By Sabine Maasen, Everett Mendelsohn, Peter Weingart (auth.), Sabine Maasen, Everett Mendelsohn, Peter Weingart (eds.)
not lie within the conceptual differences yet within the perceived services of metaphors and even if within the concrete case they're judged optimistic or unfavorable. the continued debates mirror those matters particularly sincerely~ specifically that metaphors are judged at the foundation of meant risks they pose and possibilities they provide. those are the standards of review which are evidently depending on the context during which the move of which means happens. Our basic quandary is certainly the move itself~ its clients and its limits. attainable services of metaphors is one method of less than status and elucidating sentiments approximately them. The papers during this quantity illustrate, through fairly assorted examples, 3 simple services of metaphors: illustrative, heuristic~ and constitutive. those capabilities rep resent varied levels of move of which means. Metaphors are illustrative after they are used essentially as a literary equipment, to extend the ability of conviction of a controversy, for instance. even though the adaptation among the illustrative and the heuristic functionality of metaphors isn't really nice, it does exist: metaphors are used for heuristic reasons every time "differences" of which means are hired to open new views and to achieve new insights. relating to "constitutive" metaphors they functionality to really substitute prior meanings by means of new ones. Sabine Maasen in her paper introduces the excellence among move and transforma tion.
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Additional resources for Biology as Society, Society as Biology: Metaphors
34. , p. 195. 35. , p. 194. 36. , 1979, p. 7). 37. D. A. , 1981. 38. , 1980, p. 186. 39. Hans-Jorg Rheinberger, Experiment, Differenz, Schrift. Zur Geschiehte epistemischer Dinge (Marburg/Lahn: Basilisken Presse, 1992); Bruno Latour, "'Postmodern? No, Simply Amodern! Steps Towards an Anthropology of Science," Studies in History and Philosophy of Science 21 (1990), 145-171; Timothy Lenoir, "Practice Reason, Context: the Dialogue Between Theory and Experiment" Science in Context 2 (1988), 1, 3-22.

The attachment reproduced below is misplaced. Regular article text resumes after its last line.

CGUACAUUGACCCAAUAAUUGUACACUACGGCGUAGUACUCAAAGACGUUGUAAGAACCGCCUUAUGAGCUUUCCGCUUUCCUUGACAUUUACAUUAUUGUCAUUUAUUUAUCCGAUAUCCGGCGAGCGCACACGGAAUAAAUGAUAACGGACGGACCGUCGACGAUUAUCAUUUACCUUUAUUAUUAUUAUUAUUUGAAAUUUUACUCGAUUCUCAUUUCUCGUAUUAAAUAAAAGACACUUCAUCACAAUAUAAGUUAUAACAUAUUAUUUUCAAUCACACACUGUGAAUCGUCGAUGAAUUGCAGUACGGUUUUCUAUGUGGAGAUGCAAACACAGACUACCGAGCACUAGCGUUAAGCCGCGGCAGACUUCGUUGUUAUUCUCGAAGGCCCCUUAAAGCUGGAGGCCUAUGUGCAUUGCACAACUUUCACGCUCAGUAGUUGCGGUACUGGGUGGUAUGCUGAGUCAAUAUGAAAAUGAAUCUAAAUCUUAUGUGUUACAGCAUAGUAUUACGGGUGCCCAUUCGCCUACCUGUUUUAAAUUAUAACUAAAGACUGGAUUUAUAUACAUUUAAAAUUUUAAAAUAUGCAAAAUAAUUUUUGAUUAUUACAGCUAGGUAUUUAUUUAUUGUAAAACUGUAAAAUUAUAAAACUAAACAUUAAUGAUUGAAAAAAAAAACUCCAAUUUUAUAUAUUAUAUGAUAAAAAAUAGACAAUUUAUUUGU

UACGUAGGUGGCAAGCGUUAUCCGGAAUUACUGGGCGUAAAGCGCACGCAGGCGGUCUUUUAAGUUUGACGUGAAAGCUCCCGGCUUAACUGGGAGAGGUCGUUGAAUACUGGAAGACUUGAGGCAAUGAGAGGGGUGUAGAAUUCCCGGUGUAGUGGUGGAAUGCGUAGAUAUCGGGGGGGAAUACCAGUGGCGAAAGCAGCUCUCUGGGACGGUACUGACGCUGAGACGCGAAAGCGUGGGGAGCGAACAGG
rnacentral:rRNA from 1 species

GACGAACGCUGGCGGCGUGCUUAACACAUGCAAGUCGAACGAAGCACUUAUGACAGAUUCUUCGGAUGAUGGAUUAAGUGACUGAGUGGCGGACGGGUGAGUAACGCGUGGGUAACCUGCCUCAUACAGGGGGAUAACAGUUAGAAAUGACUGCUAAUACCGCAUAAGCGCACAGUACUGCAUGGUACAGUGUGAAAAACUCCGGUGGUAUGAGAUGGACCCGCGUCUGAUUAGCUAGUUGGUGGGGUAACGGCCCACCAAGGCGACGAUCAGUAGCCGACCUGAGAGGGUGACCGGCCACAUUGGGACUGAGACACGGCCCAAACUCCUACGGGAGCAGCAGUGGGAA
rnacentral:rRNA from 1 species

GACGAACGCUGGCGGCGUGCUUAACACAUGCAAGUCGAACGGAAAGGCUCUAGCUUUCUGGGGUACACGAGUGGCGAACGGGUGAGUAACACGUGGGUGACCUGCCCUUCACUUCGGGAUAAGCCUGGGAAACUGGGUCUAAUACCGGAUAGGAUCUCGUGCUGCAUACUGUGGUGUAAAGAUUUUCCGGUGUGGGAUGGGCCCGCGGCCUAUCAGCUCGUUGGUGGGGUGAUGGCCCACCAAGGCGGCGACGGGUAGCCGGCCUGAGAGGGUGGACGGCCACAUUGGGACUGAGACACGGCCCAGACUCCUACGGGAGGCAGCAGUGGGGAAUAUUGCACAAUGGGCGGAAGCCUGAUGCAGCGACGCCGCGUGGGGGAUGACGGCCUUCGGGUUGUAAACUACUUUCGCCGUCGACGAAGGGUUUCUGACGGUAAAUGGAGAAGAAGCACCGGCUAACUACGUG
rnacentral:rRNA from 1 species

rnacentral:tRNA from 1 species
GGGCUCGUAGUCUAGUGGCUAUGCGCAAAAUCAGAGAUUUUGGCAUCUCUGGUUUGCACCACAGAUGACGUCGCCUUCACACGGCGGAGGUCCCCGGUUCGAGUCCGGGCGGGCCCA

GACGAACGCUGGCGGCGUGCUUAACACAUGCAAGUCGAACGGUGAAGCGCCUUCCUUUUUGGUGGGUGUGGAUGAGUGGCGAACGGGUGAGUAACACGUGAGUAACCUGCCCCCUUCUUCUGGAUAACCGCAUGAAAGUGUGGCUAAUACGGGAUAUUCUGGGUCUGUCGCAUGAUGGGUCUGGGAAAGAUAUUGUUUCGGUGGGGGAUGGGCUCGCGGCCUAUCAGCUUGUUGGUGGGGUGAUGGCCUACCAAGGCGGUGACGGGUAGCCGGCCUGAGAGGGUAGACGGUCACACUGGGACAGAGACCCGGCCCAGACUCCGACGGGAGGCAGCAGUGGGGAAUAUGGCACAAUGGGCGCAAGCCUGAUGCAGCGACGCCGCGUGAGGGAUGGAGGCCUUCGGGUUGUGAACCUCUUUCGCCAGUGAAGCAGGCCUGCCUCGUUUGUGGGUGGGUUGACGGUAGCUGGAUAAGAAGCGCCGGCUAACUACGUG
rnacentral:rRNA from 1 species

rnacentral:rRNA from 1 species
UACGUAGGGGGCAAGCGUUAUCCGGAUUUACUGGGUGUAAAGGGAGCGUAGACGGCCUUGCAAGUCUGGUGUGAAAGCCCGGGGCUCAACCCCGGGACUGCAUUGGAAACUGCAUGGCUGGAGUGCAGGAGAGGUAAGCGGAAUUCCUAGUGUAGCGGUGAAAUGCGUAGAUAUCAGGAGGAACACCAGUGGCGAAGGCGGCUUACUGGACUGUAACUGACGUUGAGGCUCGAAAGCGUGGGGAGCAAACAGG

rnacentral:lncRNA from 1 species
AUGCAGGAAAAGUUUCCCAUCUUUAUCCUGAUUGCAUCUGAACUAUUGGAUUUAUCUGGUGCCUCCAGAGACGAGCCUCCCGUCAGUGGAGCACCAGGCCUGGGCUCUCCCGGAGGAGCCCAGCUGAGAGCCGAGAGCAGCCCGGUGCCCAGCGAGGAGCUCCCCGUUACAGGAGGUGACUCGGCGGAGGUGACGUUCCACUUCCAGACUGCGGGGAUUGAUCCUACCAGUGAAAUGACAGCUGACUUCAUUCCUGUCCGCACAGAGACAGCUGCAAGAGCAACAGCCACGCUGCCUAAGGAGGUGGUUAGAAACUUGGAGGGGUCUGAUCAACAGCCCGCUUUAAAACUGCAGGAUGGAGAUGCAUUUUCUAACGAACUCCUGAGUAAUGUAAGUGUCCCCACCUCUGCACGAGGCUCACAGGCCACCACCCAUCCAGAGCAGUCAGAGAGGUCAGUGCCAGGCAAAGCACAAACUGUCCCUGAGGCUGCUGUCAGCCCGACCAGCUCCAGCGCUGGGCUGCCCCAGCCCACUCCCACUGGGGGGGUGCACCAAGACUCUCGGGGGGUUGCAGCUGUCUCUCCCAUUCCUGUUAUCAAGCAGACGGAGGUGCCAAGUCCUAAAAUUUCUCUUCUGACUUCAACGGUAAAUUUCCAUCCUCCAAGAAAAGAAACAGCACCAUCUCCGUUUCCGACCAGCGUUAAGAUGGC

Nature's Art and Nature as Art When Sir Thomas Browne wrote in Religio Medici (1642) that "All things are artificial, for Nature is the Art of God/'IO he deliberately affronted the expectations of his educated readers, who would have habitually opposed art to nature. The locus classicus of this conventional distinction was in Aristotle's Physics (192bI2-34): according to Aristotle, natural objects have an "innate impulse to change" whereas artificial ones do not. If we plant a bed, and the wood from the bed sprouts leaves, it does so qua wood~ not qua bed.
Although these authors certainly did not agree on all points, it is possible to extract a common, minimal position on ensouled nature from their writings. In all cases, their departure point was a dilemma posed by the Cartesian ontology of passive matter and active soul: either the world order arose from the interplay of chance and blind necessity in the manner sketched by Epicurus, or God would be obliged to recreate or at least conserve the world order by direct agency at every instant. The first alternative was rejected out of hand as absurd; the second smacked of a perpetual miracle, sentencing God to perpetual and indecorous labor, and condemning any natural philosophy based on secondary causes to failure from the outset.
Biology as Society, Society as Biology: Metaphors by Sabine Maasen, Everett Mendelsohn, Peter Weingart (auth.), Sabine Maasen, Everett Mendelsohn, Peter Weingart (eds.)